Marshall Makes His Suns Debut

By Aaron Seidlitz,

Posted: July 17, 2012

For as cool and composed as he appears to be, Phoenix Suns rookie point guard Kendall Marshall said the emotion of his Suns debut Tuesday night made an impression he won't soon forget.

“It definitely was different, because it’s your first time playing at the professional level,” Marshall said. “I was excited, nervous and anxious. It was just a whole bunch of feelings rolled into one.”

The former North Carolina Tar Heel, who the Suns drafted 13th overall in the 2012 NBA Draft, admitted after the game against the Cleveland Cavaliers that this was just the start of his learning process.

But that’s what the summer league is all about.

“It takes some adjustments,” Marshall said. “I know that there’s plenty still that I need to learn, and it’s just a matter of getting better and learning from your mistakes every day.”

Despite not scoring against the Cavaliers, Marshall was able to rack up five assists and three steals. His regret was the five giveaways next to his name following the team’s 89-74 loss.

“I definitely want to cut down on the turnovers,” he said. “I feel like if we were to get more shots and less turnovers it will make us a better team.”

The scouting report on Marshall out of college emphasized his playmaking ability. The left-hander was often able to make teammates around him better by leading the break with a pass-first mindset.

Marshall played against one of his former Tar Heel teammates Tuesday night. After the game, Cleveland forward Tyler Zeller confirmed the kind of ability that the point guard does have.

He emphasized how good of a passer Marshall can be; something that was shown at times during this game. Zeller said it isn’t necessarily the spectacular pass that his former teammate makes, but it’s the consistency with which he puts the ball in the right place for a scorer that makes him special.

“He always gets the ball to you at the right time, in the right position and that can go a long way,” the big man said.

Zeller explained that for post players, in particular, if the pass isn’t in the right place it will lower the scorer’s field goal percentage.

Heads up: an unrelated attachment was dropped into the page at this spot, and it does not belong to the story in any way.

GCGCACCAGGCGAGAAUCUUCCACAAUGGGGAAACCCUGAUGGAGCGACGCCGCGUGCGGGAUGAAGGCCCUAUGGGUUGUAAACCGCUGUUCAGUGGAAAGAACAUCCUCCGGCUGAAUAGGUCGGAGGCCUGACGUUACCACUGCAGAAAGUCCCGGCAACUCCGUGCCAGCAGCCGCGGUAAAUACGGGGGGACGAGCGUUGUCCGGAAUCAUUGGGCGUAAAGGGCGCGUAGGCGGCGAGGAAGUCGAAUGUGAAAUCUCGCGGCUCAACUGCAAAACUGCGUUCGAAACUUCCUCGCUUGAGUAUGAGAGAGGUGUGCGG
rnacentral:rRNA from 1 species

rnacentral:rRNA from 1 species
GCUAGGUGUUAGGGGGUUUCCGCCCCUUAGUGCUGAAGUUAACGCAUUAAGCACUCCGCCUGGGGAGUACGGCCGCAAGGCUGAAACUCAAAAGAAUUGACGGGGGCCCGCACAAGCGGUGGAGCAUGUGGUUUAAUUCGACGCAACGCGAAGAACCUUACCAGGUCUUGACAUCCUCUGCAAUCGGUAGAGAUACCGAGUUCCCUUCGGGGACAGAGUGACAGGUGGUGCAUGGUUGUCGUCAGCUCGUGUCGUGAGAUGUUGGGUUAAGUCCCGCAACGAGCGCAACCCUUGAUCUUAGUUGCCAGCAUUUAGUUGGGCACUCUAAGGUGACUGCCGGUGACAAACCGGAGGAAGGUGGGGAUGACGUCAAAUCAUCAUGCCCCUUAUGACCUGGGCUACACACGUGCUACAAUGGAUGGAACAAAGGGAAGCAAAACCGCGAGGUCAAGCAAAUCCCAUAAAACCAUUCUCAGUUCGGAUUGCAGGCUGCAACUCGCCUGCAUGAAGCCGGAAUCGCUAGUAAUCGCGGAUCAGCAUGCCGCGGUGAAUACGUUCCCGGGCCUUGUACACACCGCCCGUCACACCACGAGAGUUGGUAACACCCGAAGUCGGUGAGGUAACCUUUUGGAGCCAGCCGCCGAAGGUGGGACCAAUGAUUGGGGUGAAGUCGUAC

He then stretched his arm out away from his body when describing where he’s had bad entry passes come in. But then he shrunk his arms back into his body, thus depicting where he felt Marshall got him the ball consistently at UNC.

At the end of this day, though, Suns summer league head coach Dan Majerle emphasized just how much his new guard has on his plate right now as a rookie running the show.

“I didn’t expect him to catch on that quickly," Majerle said. "He’ll be fine. He just has to figure out his game.

"He will learn when he has to shoot, when he has to deliver and when he has to be aggressive. He’s trying to run the team, run the plays and it’s a lot of things for a young guard to absorb over the course of a few days.”

Emptying the Notebook

  • Power forward Markieff Morris once again led the Suns in scoring and rebounding Tuesday night with 24 points and 17 rebounds. In 32 minutes, Morris helped lead a fourth-quarter comeback that cut what was once a 17-point deficit to as few as four.

    • DeShawn Sims continues to turn a few heads during this summer league stint. After 16 points in the team’s first game Sunday, Sims came back Tuesday and added 12 more against Cleveland. The 6-foot-8 wing has a nice outside-inside game. His decent touch from behind the arc allowed him to sink 3-of-5 attempts from three-point land in two games. He’s also athletic and physical enough to drive and rebound the ball.

      • Off the bench, both Marcus Landry and PJ Tucker continue to get extended periods of playing time for the Suns. On Tuesday, Tucker had eight points on 4-of-8 shooting to go along with four rebounds. His 21 minutes were the most for a non-starter. Landry had 11 points and three rebounds against Cleveland, just one game after collecting 12 points and five rebounds.

        • Marshall’s presence in the lineup cut back on both Erving Walker and Diante Garrett’s minutes, as expected. On Sunday, that duo went for 20 points. Garrett started the first game, and Walker provided a spark off the bench. Both have an ability to break down the defense and get into the lane, but Garrett also has the size and mid-range ability to finish in the paint.